The Climate-Smart Village approach has increased food security and livelihood resources of farmers in Bompari, Ghana.
With the coming presidential and parliamentarian elections in Ghana, most rural areas are stormed by politicians who are campaigning to obtain communities’ votes. It is in this pressure-filled environment that the CGIAR Research Program on Climate Change Agriculture and Food Security (CCAFS) West Africa and the The Council for Scientific and Industrial Research –Savanna Agricultural Research Institute (CSIR SARI-WA) teams paid a visit to the Climate-Smart Village (CSV) of Bompari on 18 November. The visit was not to campaign for a political party, but instead to hear from village community members how activities implemented since 2012 to develop a CSV have impacted their livelihoods.
Mr. Dery Christopher, an innovative farmer involved in the CSV activities, explaining his experience with Esoko. Photo: R. Zougmore (CCAFS)
With both men and women groups, and the wise presence of the village chief, the discussions started with community members expressing their views on the CCAFS activities. Community members spoke openly and authoritatively about their own experiences with CCAFS-led agricultural activities. For example, one community member said, "before CCAFS intervened here in Bompari, we were mainly planting sorghum using mounds, but with CCAFS' intervention, we're now cultivating maize and soybean using tied ridges and planting now in rows”. Another one expressed:
Since the CCAFS project started here in Bompari, crop yields have substantially increased, thus improving our food security”.
Others, especially women, indicated that the implementation of the CCAFS project has improved relationships and interactions among community members, which contributes to strengthening the solidarity and synergy among villagers. One woman said that “it is only since CCAFS came here that we women are able to sit together with men and discuss collectively. Moreover, a women’s Climate-Smart Agriculture (CSA) group was established in the village, which contributed to empowering us in agricultural production and nutritional education”.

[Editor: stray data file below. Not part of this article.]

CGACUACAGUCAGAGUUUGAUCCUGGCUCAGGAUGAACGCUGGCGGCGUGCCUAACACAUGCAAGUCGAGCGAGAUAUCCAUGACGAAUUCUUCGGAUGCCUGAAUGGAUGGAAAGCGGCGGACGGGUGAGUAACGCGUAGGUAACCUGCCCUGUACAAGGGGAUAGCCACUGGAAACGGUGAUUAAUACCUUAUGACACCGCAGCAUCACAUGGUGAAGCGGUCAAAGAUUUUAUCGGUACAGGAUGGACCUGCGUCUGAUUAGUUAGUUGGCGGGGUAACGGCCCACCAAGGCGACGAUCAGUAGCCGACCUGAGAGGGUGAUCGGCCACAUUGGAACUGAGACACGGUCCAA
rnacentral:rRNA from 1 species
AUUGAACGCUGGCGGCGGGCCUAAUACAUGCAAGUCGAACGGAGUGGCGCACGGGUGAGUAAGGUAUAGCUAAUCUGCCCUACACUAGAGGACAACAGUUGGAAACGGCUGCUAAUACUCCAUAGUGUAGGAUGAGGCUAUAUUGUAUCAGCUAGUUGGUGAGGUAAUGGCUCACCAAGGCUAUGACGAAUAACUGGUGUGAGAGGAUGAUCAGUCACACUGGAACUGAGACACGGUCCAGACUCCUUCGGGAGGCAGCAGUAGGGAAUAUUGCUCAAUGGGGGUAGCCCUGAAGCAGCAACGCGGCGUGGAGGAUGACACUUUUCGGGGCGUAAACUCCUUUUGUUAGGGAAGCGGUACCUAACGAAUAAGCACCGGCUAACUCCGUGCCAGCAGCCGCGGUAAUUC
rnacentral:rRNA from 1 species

Furthermore, the community members reported that they are now implementing the agricultural approaches they learned through the CSV approach. Some of these include: use of drought-tolerant sorghum, maize, soybean and groundnut varieties, the use of soil and water conservation techniques such as tied-ridging, and of integrated soil fertility management options such as composting, and efficient use of mineral fertilizers. It is important to note that these technologies have been tested in a participatory manner with villagers in their farms. They also indicated that because of the increased and more secure crop production, they have been able to make some savings from the money with which they usually buy additional food. The money saved is now used to pay their health insurance fees and childrens' school fees.
To convince visitors of what they were saying, Mr. Dery Christopher, an innovative farmer involved in the CSV activities, insisted that the CCAFS and SARI team visit his home “to see something important”. The visitors were amazed by the diversity and amount of harvest this farmer yielded: a huge heap of maize and several selected ones to be used as seeds, another huge heap of red sorghum on the roof, plus additional piles of millet and soybean.
Thanks to climate information services farmers from Bompari were able to diversify their crops and substantially improve yields. Photo: R. Zougmore (CCAFS)
Mr. Dery explained to visitors that since he is now receiving seasonal and weather forecasts on his mobile phone through ESOKO
, a private IT platform company partnering with CCAFS to disseminate climate information services and climate-smart agricultural technologies to farmers in Northern Ghana, he has become confident to use the CSA technologies piloted with them by CSIR SARI.
I’m so proud that now with the increased crop yields, I’m able to sell part of them to cover the health insurance fees of my family, pay school fees of my children, and also support villagers who may be in short of food,” he said.
The example of this innovative farmer is a strong appeal for the development of a business model for subsistence farmers who are able to significantly increase their agricultural productivity. The Bompari community members strongly believe that with the scaling up of CSV activities, CCAFS’ continuous support could help them get out of poverty.
Robert Zougmore is the CCAFS West Africa Program Leader. Samuel Tetteh Partey is a Regional Science Officer for CCAFS West Africa. Mathieu Ouedraogo is a scientist for CCAFS West Africa. Gordon Kotey Nikoi is Senior Business Advisor at ESOKO in Accra, Ghana. Saaka Buah is Agronomist at SARI, Ghana.